His Master's Voice - Macleans.ca

His Master’s Voice



August 11, 2008
Ottawa, Ontario

In a statement released today, Prime Minister Harper condemned Russia’s incursions into Georgian territory far beyond South Ossetia, including into already tense Abkhazia.

“Russian and Georgian forces must immediately cease hostilities throughout Georgia and return to their August 6 positions,” he said. “Furthermore, in escalating the conflict through its attacks on Georgian towns and cities outside South Ossetia, Russia has ceased to act as a peacekeeper. It is imperative that Russia respects the sovereignty and territorial integrity of Georgia.”

Prime Minister Harper added that “Military force will not resolve this dispute. The only viable long-term solution is international mediation and peacekeeping.”

From the August 10th interview on NBC with George W. Bush:

THE PRESIDENT: I said this violence is unacceptable — I not only said it to Vladimir Putin, I’ve said it to the President of the country, Dmitriy Medvedev. And my administration has been engaged with both sides in this, trying to get a cease-fire, and saying that the status quo ante for all troops should be August 6th. And, look, I expressed my grave concern about the disproportionate response of Russia and that we strongly condemn bombing outside of South Ossetia.

It was just interesting to me that here we are trying to promote peace and harmony and we’re witnessing a conflict take place.

Q Right, no Olympic truce in this case.

THE PRESIDENT: There wasn’t. And I was very firm with Vladimir Putin — he and I have got a good relationship — just like I was firm with the Russian President. And hopefully this will get resolved peacefully. There needs to be a international mediation there for the South Ossetia issue.

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His Master’s Voice

  1. What I’m struck by is the two heads of government rejecting the use of force, Harper explicitly, Bush by not referring to the “immediate military aid” Billy Kristol so loved in this morning’s Times. Now, as we try to figure out whether it’s the lack of a roadmap to NATO accession that gave Russia the green light — the position of my Polish and Estonian friends — the question you have to ask is: if Georgia was closer to NATO membership, would the US and Canada be closer to pledging force to defend it? I think the answer is no. And I think it’s far more dangerous to make alliance commitments you don’t mean than it is to be reluctant to make meaningless commitments. If that’s at all comprehensible.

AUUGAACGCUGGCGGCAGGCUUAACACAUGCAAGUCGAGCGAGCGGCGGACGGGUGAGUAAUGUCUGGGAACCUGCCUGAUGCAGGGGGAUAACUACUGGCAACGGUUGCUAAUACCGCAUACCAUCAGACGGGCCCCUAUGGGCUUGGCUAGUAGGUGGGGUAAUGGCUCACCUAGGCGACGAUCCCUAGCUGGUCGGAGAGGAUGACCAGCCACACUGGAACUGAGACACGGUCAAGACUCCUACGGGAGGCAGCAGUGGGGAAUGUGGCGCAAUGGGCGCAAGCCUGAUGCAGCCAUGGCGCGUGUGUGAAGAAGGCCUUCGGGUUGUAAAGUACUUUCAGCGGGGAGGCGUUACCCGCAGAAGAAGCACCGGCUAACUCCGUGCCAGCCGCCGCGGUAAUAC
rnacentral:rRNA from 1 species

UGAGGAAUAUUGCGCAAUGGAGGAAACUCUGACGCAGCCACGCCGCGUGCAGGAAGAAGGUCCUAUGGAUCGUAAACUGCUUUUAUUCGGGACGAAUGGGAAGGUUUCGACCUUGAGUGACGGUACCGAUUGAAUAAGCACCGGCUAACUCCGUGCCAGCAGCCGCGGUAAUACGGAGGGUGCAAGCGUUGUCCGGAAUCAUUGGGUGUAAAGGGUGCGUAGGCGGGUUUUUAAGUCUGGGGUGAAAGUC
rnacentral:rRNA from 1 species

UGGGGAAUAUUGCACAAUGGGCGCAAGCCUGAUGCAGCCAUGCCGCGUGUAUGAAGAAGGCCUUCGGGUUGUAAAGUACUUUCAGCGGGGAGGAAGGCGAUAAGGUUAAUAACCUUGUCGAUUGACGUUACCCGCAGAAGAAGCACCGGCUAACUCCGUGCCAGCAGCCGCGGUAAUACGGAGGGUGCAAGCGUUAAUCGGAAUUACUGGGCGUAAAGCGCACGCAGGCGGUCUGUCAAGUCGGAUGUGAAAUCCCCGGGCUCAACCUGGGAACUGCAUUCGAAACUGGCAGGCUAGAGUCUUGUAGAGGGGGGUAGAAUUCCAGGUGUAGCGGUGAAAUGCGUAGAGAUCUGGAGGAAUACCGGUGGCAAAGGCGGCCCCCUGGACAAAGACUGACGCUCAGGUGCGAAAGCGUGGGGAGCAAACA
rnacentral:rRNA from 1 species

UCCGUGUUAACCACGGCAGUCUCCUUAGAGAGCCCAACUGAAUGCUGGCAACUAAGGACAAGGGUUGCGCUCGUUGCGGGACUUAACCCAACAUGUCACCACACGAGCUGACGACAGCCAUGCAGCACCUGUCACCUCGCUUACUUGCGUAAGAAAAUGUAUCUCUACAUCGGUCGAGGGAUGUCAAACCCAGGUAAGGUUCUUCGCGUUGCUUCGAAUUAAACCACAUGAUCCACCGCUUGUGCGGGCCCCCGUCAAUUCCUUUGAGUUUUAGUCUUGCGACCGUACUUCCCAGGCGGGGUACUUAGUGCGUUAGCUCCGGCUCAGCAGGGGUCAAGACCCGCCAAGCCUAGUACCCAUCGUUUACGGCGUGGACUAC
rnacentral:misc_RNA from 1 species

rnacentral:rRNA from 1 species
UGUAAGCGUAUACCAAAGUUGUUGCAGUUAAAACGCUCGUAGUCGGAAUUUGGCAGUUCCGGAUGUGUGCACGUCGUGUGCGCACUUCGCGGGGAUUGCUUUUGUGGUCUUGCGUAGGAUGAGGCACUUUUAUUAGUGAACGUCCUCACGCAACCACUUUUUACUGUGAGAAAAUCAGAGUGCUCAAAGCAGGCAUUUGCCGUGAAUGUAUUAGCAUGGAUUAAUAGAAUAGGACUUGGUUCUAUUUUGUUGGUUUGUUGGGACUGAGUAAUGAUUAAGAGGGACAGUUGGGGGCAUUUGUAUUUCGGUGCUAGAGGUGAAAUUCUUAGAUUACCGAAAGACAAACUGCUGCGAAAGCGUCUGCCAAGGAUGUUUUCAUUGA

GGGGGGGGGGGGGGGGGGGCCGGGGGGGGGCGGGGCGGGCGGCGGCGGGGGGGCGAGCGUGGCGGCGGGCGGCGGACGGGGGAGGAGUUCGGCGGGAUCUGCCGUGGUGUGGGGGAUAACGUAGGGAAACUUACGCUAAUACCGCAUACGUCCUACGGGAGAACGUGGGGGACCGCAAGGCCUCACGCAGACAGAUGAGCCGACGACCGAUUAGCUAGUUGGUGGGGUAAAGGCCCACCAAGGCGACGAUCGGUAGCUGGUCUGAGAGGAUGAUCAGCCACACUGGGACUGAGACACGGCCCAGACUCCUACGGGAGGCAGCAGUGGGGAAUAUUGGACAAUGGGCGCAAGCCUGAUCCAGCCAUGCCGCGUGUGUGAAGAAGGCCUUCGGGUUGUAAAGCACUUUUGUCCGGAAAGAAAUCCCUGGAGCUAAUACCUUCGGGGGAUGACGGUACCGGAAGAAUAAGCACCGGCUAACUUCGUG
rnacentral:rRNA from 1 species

2. How much is Harper’s response a serious concern and rehashing of Bush’s statement, and how much is to deflect media time from Hurricane Finley and the CON games before the In-and-out skullduggery…

  3. PW – I agree entirely. A colleague asked me this morning what my thoughts were on the Russia/Georgia thing, and it occurred to me that I had none, really. I gave it twenty seconds of thought, and what I came up with were two things: First, the overwhelmingly anti-Russia tone of the media coverage. Second — is Georgia really the sort of country with which Canada should be entering into a mutual defence pact?

    Put bluntly: If Russia wants to fight Georgia over some Caucasian wasteland, what business is it of ours?

  4. Cute, if lazy, header on this post Andrew.

  5. Amazing what “free” won’t buy in the way of headers these days.

  6. you’re not quoting Stringband, are you?

  7. I guess “Allies with similar interests make similar statements” doesn’t come off as glib and bloggy as what you were aiming for. A cutting headline in search of a substantive point.

  8. Did George W. Bush just use “status quo ante” in an interview? Did that just happen? I’m trying to picture that particular Latin blurb in a Texas accent and I just can’t do it.